Why your laundry can be a killer of your health

A product named Tide and its derivatives are already making headlines because of the way they can kill your immune system, particularly if you use them for more than a few weeks.

A recent study in The Lancet journal found that, among people who used Tide laundry detergents daily, the more frequently they were used, the higher their risk of developing allergies.

But the authors caution that more research is needed.

It’s a complex issue.

“It’s a lot of questions, a lot more than what we can answer with a simple study,” said Dr. Sarah Bremner, director of the Allergy, Asthma & Immunology Program at Boston Children’s Hospital.

“I think it’s a real concern.

There’s not really a simple answer, it’s just a lot to answer.”

And that’s exactly the issue that Bremners team is trying to address.

In a study published in the journal Allergy & Infectious Diseases, the researchers found that people who had been using Tide laundry products daily for a year or more had a higher risk of contracting an allergic reaction than those who used them less frequently.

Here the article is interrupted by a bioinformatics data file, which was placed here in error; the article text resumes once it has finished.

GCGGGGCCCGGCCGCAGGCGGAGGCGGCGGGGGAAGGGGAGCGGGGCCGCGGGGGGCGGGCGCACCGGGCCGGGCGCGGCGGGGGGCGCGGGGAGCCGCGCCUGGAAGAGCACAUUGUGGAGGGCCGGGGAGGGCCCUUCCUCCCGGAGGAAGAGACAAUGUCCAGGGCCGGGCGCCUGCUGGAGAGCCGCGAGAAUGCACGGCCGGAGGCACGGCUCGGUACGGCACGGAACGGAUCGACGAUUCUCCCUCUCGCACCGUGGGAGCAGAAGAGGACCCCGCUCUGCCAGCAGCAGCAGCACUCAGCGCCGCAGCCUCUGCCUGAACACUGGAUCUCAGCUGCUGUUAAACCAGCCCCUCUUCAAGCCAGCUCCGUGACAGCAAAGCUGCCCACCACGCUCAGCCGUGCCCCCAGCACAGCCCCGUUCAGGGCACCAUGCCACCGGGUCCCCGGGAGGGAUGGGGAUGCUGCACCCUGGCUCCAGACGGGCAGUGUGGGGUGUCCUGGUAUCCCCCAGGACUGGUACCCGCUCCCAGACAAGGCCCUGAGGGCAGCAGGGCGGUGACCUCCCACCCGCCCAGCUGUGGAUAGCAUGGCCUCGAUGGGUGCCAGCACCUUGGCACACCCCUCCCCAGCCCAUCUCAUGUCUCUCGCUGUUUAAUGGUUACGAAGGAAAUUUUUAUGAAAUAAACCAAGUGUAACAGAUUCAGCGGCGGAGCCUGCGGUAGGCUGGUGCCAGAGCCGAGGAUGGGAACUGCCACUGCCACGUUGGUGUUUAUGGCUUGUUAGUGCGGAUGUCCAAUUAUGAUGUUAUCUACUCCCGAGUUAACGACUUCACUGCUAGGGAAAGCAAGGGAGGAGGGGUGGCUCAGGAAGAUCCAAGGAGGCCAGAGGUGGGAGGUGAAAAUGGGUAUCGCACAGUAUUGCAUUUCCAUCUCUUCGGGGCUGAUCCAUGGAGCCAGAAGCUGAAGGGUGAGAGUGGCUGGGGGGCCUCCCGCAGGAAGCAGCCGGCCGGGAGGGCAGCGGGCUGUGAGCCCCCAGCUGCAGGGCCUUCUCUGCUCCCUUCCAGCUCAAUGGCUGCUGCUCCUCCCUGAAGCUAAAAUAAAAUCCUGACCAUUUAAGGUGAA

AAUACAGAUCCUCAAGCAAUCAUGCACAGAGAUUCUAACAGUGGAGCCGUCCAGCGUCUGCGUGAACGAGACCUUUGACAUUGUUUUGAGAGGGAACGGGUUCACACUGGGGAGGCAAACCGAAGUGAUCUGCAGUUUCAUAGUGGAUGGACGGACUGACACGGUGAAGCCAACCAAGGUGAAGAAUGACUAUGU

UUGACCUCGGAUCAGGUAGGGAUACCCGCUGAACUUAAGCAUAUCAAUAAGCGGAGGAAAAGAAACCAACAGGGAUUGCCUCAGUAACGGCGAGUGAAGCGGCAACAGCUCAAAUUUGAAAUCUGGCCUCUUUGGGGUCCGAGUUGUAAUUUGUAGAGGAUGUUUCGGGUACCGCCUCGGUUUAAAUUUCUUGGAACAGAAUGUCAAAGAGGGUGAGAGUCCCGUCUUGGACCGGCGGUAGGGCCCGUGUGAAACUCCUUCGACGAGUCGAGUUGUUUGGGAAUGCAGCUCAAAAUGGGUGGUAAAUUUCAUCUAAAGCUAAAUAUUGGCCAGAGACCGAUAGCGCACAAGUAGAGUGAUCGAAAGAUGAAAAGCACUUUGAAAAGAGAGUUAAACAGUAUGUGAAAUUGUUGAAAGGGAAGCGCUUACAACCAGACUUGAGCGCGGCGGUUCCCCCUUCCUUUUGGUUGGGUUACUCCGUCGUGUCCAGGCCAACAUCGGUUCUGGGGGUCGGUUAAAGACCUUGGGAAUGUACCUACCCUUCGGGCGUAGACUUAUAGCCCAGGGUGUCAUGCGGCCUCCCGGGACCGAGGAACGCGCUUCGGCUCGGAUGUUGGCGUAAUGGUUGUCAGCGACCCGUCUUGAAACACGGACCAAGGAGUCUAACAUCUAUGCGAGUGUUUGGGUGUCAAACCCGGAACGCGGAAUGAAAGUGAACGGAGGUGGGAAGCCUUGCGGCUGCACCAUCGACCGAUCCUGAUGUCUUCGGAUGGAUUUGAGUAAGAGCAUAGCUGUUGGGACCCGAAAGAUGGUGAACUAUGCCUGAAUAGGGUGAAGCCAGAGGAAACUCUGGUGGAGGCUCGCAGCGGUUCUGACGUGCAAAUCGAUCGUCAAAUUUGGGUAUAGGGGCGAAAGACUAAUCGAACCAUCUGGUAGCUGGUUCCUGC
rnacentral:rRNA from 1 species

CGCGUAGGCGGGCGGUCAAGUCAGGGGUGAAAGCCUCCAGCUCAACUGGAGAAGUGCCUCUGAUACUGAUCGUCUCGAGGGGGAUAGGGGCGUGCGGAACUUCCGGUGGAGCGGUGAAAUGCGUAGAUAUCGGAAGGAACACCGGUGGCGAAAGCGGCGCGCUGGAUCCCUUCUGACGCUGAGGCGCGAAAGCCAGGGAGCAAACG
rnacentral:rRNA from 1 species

In addition, people who were more likely to have a reaction were also more likely than people who didn’t have an allergy to suffer from the allergic reaction itself.

The researchers noted that, overall, the research is preliminary and there’s a way to be certain, but “we do have a very strong suspicion that we’re getting a real picture,” said Bremers team’s lead author, Dr. Tanya Ruhlman, a dermatologist at the Children’s Healthcare of Atlanta.

She said she hopes to see the study in more clinical settings, so more people will get tested.

“We’re going to have to wait for more studies to confirm this,” she said.

“And there are a lot that we know that we don’t know about.”

One study looked at people with an allergy and found that those who had used the detergent for more time had a 50 percent greater risk of catching an allergic response, compared to people who never used Tide detergens.

“That’s a significant increase,” said Ruhls team’s co-author, Dr